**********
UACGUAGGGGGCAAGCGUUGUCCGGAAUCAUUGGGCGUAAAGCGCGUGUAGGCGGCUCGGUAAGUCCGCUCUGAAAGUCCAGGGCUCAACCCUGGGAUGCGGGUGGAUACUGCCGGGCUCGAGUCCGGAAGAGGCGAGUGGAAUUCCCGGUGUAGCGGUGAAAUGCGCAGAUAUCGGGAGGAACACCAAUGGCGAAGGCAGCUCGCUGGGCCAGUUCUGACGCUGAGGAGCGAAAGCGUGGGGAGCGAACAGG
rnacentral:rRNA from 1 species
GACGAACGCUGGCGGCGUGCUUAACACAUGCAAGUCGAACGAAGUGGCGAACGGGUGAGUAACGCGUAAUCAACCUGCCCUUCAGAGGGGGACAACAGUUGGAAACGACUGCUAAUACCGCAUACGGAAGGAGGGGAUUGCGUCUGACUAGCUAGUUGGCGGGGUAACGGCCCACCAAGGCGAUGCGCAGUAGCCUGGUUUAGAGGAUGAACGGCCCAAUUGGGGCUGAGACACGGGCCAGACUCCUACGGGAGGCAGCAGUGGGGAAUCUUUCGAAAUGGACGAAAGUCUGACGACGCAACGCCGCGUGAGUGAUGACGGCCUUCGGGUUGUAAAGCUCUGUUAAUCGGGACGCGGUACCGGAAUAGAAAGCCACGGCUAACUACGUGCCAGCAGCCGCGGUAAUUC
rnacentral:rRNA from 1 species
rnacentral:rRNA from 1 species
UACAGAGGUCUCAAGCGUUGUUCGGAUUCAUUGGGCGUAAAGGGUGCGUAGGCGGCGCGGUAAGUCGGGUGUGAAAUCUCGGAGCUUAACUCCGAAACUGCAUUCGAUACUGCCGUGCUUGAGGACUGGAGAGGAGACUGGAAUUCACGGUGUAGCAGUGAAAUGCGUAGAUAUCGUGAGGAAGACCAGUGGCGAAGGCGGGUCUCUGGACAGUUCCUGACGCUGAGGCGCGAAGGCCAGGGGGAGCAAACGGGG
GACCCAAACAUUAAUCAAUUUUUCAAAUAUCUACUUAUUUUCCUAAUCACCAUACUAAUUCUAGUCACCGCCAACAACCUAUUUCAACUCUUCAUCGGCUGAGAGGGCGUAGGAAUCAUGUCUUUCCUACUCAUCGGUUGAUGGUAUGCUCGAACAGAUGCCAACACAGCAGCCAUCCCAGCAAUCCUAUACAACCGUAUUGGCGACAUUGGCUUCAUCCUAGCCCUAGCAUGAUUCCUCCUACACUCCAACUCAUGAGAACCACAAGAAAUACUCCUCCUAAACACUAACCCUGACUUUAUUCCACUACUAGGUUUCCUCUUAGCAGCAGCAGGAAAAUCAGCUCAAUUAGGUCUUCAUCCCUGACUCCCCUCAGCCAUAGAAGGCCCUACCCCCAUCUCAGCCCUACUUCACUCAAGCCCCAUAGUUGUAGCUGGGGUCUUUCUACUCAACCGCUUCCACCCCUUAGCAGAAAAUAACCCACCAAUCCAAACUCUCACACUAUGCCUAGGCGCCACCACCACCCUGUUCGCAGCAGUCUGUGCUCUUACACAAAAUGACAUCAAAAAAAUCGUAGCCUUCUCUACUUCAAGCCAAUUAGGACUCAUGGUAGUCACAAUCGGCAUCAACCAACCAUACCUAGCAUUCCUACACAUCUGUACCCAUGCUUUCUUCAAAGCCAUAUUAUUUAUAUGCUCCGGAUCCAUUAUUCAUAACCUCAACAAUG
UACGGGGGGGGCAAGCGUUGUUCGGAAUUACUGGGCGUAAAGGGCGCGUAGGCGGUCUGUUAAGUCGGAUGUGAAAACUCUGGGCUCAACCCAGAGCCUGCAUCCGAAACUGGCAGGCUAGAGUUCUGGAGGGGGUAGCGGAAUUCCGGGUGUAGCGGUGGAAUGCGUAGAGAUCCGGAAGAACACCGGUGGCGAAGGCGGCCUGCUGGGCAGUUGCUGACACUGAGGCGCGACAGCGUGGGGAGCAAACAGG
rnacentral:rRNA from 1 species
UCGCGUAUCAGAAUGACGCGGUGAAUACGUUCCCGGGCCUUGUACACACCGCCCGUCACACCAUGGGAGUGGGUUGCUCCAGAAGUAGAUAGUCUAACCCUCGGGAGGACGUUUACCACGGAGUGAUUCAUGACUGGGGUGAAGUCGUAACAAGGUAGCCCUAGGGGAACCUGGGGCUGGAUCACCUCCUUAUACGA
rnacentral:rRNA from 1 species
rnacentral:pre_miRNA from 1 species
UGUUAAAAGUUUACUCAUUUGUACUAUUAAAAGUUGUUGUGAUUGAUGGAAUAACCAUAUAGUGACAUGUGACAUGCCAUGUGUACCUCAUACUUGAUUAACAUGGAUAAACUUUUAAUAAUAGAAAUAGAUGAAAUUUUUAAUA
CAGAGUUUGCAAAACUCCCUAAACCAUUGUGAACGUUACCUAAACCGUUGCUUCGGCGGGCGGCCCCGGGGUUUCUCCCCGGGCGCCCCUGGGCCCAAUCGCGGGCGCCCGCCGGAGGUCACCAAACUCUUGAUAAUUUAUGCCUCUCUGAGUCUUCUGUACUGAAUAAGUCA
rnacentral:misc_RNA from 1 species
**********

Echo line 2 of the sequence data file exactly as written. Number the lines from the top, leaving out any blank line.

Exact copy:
rnacentral:rRNA from 1 species